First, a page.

Mother of Amore Wiggins speaks on life prior to discovering daughter’s death
COLUMBUS, Ga. (WTVM) - “She was just a baby. They deprived her of everything, she was a child.” Sherry Wiggins speaks through tears as she tells us how she found out her daughter was brutally beaten, and killed and her remains left in Opelika Alabama.
The child once known as Baby Jane Doe was finally identified after 10 years. “Glory hallelujah, justice is coming,” says Wiggins.
Sherry Wiggins says after hearing from investigators, her daughter suffered 15 broken bones, blindness in one eye, and malnourishment, her heart hurts knowing it could have been at the hands of her own father.
“It was horrible, a serious act of evil,” says Wiggins.
Wiggins says she and Lamar Vickerstaff met at an apartment in Virginia when he was in the Navy.
Once she found out she was pregnant, she says she and Lamar were excited about the baby.
“He was supportive, he was supportive along the way, he wasn’t upset or anything that we got the news that I was expecting,” says Wiggins.
Wiggins says she lost custody of Amore due to some legal issues she was dealing with as a young woman. “At that time I was making some bad decisions and some bad choices in my life where I did have some run-ins with the law,” says Wiggins.
She says during that dark time in her life she was unstable and after inspections of both their homes by the court system, it was determined that Vickerstaff would be awarded custody. Wiggins says she was okay with that decision because she never thought the sailor or his wife Ruth would harm their daughter.
“Lamar showed and exercised well behavior because he was supportive of my other daughter before Amore, and he was well attentive to what I needed,” says Wiggins.
Wiggins says she tried countless times to regain custody of her daughter. She says after little to no contact over the years, she was later threatened by Vickerstaff if she kept reaching out.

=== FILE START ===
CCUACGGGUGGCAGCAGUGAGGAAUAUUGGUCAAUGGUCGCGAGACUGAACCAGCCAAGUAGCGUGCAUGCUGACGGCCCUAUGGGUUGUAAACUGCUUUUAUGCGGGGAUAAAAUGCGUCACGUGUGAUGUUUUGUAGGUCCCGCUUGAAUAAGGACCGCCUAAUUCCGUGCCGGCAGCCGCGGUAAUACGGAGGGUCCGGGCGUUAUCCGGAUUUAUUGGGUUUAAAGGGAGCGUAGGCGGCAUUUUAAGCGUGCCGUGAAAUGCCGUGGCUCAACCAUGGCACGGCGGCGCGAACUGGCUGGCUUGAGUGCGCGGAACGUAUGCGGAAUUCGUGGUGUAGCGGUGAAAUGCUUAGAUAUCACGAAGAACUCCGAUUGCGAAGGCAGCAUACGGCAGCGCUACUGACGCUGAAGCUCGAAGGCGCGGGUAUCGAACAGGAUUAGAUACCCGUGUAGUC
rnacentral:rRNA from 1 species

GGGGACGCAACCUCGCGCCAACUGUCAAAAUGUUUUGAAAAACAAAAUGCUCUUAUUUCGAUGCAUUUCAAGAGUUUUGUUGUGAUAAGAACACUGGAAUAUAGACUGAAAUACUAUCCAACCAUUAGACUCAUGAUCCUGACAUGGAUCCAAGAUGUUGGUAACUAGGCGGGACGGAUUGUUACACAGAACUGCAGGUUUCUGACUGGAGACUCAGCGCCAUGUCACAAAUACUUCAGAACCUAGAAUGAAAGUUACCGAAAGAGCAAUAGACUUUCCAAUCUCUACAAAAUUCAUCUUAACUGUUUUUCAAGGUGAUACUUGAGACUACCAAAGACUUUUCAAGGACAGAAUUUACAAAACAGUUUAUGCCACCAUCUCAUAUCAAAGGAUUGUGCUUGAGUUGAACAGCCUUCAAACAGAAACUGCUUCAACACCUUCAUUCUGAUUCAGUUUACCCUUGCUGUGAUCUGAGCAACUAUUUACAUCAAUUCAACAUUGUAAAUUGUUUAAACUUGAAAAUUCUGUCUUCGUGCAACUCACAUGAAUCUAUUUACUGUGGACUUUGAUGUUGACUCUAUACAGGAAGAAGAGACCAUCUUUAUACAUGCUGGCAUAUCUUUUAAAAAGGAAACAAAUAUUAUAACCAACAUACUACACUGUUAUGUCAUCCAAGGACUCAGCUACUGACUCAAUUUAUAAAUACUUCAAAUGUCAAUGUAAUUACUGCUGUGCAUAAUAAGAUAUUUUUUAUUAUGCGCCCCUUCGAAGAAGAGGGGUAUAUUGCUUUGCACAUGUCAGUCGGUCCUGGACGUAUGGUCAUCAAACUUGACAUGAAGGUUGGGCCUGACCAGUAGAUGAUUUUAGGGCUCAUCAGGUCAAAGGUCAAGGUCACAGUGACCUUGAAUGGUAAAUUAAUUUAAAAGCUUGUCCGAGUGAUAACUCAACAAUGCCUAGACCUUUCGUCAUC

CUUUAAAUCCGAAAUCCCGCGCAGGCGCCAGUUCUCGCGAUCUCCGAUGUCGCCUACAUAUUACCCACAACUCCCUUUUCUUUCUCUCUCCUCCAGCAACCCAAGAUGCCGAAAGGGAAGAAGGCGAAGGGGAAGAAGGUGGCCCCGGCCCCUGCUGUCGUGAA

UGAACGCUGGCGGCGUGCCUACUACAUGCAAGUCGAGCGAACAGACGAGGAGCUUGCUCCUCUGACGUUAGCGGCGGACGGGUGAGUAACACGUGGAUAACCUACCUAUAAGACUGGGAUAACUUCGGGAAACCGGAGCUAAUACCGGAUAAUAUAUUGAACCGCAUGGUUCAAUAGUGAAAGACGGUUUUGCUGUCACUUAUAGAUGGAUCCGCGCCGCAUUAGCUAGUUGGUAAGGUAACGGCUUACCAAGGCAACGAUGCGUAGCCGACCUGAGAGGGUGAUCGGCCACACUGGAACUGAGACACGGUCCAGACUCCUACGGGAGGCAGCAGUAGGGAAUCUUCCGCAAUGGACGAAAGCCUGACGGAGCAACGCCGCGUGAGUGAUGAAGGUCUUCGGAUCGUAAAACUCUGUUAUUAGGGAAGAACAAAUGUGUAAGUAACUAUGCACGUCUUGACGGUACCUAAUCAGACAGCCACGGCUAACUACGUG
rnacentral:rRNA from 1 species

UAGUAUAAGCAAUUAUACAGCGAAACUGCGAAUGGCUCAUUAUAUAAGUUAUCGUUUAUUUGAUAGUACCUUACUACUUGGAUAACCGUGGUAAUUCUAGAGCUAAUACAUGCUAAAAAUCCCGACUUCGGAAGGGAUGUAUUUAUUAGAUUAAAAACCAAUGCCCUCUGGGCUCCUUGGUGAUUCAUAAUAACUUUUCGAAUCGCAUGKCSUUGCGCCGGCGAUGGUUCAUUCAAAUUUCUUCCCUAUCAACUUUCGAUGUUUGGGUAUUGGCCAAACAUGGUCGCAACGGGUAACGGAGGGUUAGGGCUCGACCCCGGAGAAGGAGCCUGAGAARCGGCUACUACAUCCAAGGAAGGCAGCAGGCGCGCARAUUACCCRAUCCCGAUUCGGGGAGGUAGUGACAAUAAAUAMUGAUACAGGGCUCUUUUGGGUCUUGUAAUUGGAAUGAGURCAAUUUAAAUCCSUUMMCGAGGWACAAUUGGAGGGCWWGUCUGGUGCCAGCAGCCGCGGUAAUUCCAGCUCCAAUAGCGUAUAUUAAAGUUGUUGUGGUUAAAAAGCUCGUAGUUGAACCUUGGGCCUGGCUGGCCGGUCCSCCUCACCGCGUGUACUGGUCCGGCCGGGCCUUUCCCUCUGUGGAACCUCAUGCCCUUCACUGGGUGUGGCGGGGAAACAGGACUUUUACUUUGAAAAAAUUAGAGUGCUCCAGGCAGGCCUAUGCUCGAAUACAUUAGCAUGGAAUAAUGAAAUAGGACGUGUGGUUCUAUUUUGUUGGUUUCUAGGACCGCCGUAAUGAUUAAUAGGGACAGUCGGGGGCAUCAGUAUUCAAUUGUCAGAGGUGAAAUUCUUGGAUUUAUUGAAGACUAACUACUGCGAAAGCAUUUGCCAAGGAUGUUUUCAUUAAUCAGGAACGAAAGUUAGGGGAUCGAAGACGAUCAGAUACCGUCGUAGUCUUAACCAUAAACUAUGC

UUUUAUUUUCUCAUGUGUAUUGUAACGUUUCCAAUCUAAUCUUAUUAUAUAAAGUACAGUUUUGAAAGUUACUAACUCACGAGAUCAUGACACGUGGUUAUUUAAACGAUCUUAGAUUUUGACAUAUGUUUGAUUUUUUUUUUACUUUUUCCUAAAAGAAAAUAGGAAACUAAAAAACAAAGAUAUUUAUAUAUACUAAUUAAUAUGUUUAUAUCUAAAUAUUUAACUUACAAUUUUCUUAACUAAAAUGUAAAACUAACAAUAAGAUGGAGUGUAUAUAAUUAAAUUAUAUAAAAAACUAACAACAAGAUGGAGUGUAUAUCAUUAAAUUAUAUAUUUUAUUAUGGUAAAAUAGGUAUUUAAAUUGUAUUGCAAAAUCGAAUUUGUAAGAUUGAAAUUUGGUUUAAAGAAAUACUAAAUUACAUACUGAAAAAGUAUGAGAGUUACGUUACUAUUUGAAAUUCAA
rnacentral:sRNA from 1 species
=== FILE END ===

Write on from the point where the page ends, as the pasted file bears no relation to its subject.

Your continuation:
“During the course of all of this, I would still reach out, I would reach out via email over the years, they would block my email accounts. I would reach out through Facebook, they would say nasty and mean things to me if I reached out through Facebook. I called Lamar’s number that I knew to be Lamar’s number, and he told me that if I called again he would block me from his phone. I would continue to call he blocked me from his phone when I call from another number, he said I will block these numbers from a carrier, and I will call the police on you, and that is exactly what he did,” says Wiggins.
Wiggins said she continued to pay child support up until the end of 2022.
Wiggins says through all of this, she is most thankful that her daughter has an identity now. “I greatly appreciate all of the love and support from the Opelika community. I feel blessed to have had the Opelika Police Department working on the case for Amore,” says Wiggins.
To donate to Amore Wiggins’ GoFundMe, click here.
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